Throughout the house are masks, acquired over many years of serendipitous encounters in all corners of the world. They form an almost anthropological study of this age-old technique of disguise and metamorphosis.
And then there are the shoes. Some homeowners today install magnificent closets, each outfitted with seemingly endless mahogany shelves and drawers and racks. Such high-end storage spaces form a compendium of sartorial consumer exuberance. But none compare to Anna’s dressing room.It is perfectly lit and mirrored and painted in the most skin-flattering and healthy hue of rose-raspberry. Anna smiles just to see the room’s elevated wraparound shelves that display a parade of gorgeous designer shoes. It’s a couture footwear exhibit — Anna’s history, from her teenage years to sometime within the last hour. No matter what her circumstances, this woman has always had fabulous shoes. “I think it’s fun,” she says.
And it is.
Back in the living area, Anna and Ken ease into their vast and comfortable white sofa. In this second-floor space, designed for relaxation and refreshment, are floor-to-ceiling views of wetlands and Long Island Sound, framed in diaphanous silk curtains the color of a pale morning sky. The couple, now so used to this luxury, talk about design, shape, and color, and in doing so reveal their partnership. The house, the views, the collections — they are all a creative collaboration of complementary gifts: his spatial acuity and talent for sculpture, and her intuitive feel for color, light, and texture.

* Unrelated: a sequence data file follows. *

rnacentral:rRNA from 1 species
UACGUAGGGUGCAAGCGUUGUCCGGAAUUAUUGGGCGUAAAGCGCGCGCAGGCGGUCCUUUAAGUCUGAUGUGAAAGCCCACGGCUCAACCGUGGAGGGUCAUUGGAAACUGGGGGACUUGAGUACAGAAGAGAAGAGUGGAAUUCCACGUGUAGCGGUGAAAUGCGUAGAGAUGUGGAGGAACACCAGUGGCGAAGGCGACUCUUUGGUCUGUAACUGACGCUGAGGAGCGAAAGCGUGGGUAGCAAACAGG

ONE FOR ALL AND ALL FOR MODERN
“Oh, no, not at all,” says Anna about modern design for her clients. “I want my clients to put their own signatures on their houses. The style and size of a home are not what matter. What’s important is that the people who live in it have a space they can fully use and enjoy. It’s what we’ve done for ourselves, and what we want to help others do.”